Is Gateway-Less the Future of IoT Deployments?
When you think about connected devices examples immediately come to mind. Whether it’s a car, a door sensor or a medical device, each connects and processes data differently.
Some iterations are smarter than others. A camera can connect to a Wi-Fi access point and send data directly to the cloud. A door sensor is simpler. Both technologies need to connect to intermediary physical devices on the network where they then process the data and send it on.
Known as IoT gateways, they play an important role in IoT deployments to collect and aggregate sensor data from various devices. An IoT gateway device bridges the communication gap between IoT devices, sensors, equipment, systems and the cloud. By systematically connecting the field and the cloud, IoT gateway devices offer local processing and storage solutions, as well as the ability to autonomously control field devices based on data input by sensors.
From there, they translate between sensor protocols and process data from these sensors and devices before sending it onward to be processed. With simpler devices and sensors, they’ll often connect to the IoT Gateway using short-range wireless transmission modes such as Bluetooth LE, Zigbee, Z-wave or long-range like LTE, LTE-M and even Wi-Fi.
Once connected, the IoT gateway provides a few key functions including the following:
- Bridging communications and facilitating machine-to-machine (or M2M) communications.
- Offline support services so WAN connectivity is not always required.
- Data ingestion, cleaning, filtering, positioning and even early analytics prior to being sent to a cloud or remote data center.
- Additional security as the IoT gateway acts as a buffer between a WAN and devices.
- Real-time configuration, control, management and change management tracking.
But an IoT gateway does add an extra component on the network, and another attack vector that can potentially be breached. This means you will have an additional device on the network that has to be updated, managed and secured. That said, what happens when we remove this IoT gateway? Will future edge and distributed computing solutions be able to handle the billions of IoT and connected devices that will be coming online over the course of the next few years?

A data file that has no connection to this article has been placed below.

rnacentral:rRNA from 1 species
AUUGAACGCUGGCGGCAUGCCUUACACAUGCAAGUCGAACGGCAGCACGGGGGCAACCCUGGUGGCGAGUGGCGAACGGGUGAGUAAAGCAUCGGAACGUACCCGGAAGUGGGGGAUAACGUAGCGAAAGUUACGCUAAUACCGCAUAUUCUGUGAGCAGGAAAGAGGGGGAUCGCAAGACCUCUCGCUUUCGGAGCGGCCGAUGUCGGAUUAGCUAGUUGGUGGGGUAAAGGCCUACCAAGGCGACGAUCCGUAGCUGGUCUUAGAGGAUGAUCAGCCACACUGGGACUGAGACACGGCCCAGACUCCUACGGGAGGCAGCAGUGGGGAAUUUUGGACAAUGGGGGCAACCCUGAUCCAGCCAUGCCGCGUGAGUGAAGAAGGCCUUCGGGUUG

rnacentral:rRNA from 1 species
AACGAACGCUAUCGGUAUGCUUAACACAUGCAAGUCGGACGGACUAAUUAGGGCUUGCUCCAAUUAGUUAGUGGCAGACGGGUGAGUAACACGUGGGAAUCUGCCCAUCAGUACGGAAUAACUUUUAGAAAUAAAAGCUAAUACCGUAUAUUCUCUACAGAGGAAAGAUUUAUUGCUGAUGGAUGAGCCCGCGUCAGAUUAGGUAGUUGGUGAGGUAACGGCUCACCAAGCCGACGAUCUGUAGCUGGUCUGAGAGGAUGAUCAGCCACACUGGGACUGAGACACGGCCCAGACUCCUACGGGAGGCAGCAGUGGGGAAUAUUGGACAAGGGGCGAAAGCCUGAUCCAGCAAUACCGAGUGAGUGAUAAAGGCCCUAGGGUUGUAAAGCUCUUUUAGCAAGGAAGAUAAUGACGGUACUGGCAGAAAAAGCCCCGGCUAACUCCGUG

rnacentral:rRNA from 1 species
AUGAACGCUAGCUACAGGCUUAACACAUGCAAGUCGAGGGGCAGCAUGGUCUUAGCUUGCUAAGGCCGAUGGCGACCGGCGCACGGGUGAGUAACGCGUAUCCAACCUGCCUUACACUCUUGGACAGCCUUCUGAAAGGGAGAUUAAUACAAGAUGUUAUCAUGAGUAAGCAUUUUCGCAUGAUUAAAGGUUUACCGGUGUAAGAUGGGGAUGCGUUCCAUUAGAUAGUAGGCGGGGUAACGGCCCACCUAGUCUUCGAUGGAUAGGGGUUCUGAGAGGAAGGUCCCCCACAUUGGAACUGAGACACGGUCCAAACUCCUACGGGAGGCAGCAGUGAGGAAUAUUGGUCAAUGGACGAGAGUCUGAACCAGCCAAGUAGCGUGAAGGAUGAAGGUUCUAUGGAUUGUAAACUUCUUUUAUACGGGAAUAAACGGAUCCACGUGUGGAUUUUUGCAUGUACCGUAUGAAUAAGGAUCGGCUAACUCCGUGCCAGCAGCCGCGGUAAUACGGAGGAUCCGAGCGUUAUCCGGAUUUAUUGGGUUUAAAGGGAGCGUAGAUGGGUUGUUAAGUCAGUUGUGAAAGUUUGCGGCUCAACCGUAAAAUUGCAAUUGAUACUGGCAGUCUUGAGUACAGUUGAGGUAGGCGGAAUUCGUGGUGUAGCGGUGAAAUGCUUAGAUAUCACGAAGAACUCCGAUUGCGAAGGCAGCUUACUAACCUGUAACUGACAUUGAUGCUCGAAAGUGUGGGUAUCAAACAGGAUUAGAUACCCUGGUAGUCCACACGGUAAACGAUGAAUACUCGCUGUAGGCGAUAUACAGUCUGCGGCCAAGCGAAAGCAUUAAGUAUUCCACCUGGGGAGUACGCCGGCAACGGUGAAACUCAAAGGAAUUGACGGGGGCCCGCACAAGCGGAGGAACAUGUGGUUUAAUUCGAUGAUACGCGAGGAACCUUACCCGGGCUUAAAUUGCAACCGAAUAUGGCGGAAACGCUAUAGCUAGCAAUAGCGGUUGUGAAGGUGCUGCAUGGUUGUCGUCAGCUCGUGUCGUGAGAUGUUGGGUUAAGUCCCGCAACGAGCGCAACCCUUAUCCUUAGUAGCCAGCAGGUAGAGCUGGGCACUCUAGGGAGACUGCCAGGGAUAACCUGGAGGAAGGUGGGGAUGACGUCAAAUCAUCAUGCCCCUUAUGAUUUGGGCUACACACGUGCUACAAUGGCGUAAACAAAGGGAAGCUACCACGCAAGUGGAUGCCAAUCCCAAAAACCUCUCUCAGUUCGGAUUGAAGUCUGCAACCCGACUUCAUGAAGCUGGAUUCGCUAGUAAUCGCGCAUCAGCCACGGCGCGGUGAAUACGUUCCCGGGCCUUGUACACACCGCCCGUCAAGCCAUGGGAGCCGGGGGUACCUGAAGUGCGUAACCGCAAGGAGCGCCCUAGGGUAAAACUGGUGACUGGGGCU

For there to be a gateway-less IoT deployment, something will have to change.
A New Frontier for IoT Devices
Even today, IoT gateways play a key role in helping sensors and devices connect to an intermediary source that aggregates data and then sends it off for further processing and analytics. However, edge computing is specifically designed to overcome the challenges of IoT connectivity.
Edge computing architecture helps with latency. Couple that with 5G technology (where latency is often less than 1 ms and speeds exceed 100 Mpbs) and you’ve got a powerful platform where devices close to edge can now connect and process all of their data.
Is the Edge the New IoT Gateway?
The real answer isn’t black and white; it depends. Over the next five years or so, edge deployments will become a key component of IoT integration and working with connected devices. Realistically, you will be able to connect simple devices and sensors directly to an edge ecosystem, given that that the edge network is close enough and can support your requirements.